Unraveling the Mystery of the Great Resignation
As Derek Thompson recently pointed out in his excellent article “Three Myths of the Great Resignation” published in The Atlantic, the seeming exodus from the workplace is really a function of three independent trends:
1) Job Switching, primarily by hospitality workers in restaurants and hotels switching to better, higher paying positions within the same industry;
2) Job Burnout, primarily by white-collar workers in finance, real estate, software, internet, professional and business services, who grew weary of their jobs during the pandemic, but nevertheless, for the most part, did NOT quit their jobs, and
3) Early Retirements, of employees over 65 years old, increasingly leaving the workplace because their jobs became more dangerous due to COVID and their assets had increased due to increased savings rates and the stock market going on a binge.
Of these three trends, it is the first—the massive changing of jobs to better paying jobs in the hospitality industry that has represented by far most of the labor movement, up to four times that of other industry sectors, and adding 2 million employees in 2021 alone.
Some experts feel this massive movement in the labor market is primarily due to “employees having leverage to demand higher wages, better benefits and/or more flexible working conditions from new or current employers.” I tend to disagree.
Money, Benefits and Better Working Conditions
While it’s tempting to want to find one simple explanation for the recent turmoil and turnover in the workplace, the reality of the situation is perhaps a little more complex. According to classic motivation theory by Frederick Herzberg, money is a “hygiene” factor, that is, a necessary element (along with things like benefits and working conditions) in order for people to be able to work. If you aren’t paid competitively, that will be a demotivator for them and will cause them to be dissatisfied about their work, perhaps enough to quit their jobs.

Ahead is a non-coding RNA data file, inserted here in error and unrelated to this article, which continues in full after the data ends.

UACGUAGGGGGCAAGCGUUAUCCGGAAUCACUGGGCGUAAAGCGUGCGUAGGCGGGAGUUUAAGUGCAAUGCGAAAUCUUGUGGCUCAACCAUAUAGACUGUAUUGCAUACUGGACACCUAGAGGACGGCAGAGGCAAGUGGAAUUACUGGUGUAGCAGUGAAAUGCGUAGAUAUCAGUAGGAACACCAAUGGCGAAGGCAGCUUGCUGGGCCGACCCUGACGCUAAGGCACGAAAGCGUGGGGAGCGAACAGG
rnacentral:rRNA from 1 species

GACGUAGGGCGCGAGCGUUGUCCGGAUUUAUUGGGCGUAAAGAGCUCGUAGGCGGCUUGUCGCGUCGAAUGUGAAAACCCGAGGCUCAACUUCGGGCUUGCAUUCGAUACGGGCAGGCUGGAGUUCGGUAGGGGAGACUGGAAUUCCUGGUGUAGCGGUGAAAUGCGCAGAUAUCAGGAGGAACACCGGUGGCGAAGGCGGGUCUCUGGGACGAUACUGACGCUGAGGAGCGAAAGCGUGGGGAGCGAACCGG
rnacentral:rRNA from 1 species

At the lower pay scales, such as with “essential workers” who have been forced to work through the pandemic for the greater public good (e.g., those in food distribution, healthcare, retail workers, etc.) not being paid enough for what became much more challenging jobs is a definite factor in people choosing to change jobs. The work suddenly became both a health risk and a hassle as dealing with the public and irate customers who took their frustrations out on frontline employees, changed the equilibrium of those jobs. The stakes became higher, but the compensation did not change. (True, some employers did enact COVID pay premiums, but those were typically short-term incentives that have mostly stopped.)
What motivates them has changed as they had 18+ months to reflect on their uprooted lives and decided it was time to do something different. For those in “essential” jobs that meant changing to something that hopefully was safer and pays better.
Intangibles Drive Greater Motivation
What tend to be the “motivators,” as Herzberg called them that cause people to be excited about their work and hence stay and excel in their jobs, are the more intangible factors about work and workplaces such as: recognition for a job well done, autonomy, respect, meaning, responsibility, flexibility, career opportunity, etc. This, I believe, represents the greatest reason why employees are choosing to change jobs today in non-hospitality industries. COVID has caused them to rethink their work circumstances and what was acceptable prior to the pandemic has increasingly become unacceptable as the pandemic winds down.
For those in other positions, especially those able to work from home, it meant a new sense of possibilities and a reluctance to return to a time-wasting commute and the inefficiencies of work back in the office such as endless face-to-face meetings and office politics. Those workers are yearning for a new lease on life, which has to translate to a new lease on their work life in which they are no longer chained to having to live close to the office where they work. Yes, they may want to earn more money, too (who doesn’t?), but the greater drivers for them are to live better, more fulfilling lives with work they can be excited about. In that instance, being paid more becomes an added benefit for a better life, not the sole justification for a change in their lives.
Written by Dr. Bob Nelson.Track Latest News Live on CEOWORLD magazine and get news updates from the United States and around the world. The views expressed are those of the author and are not necessarily those of the CEOWORLD magazine.
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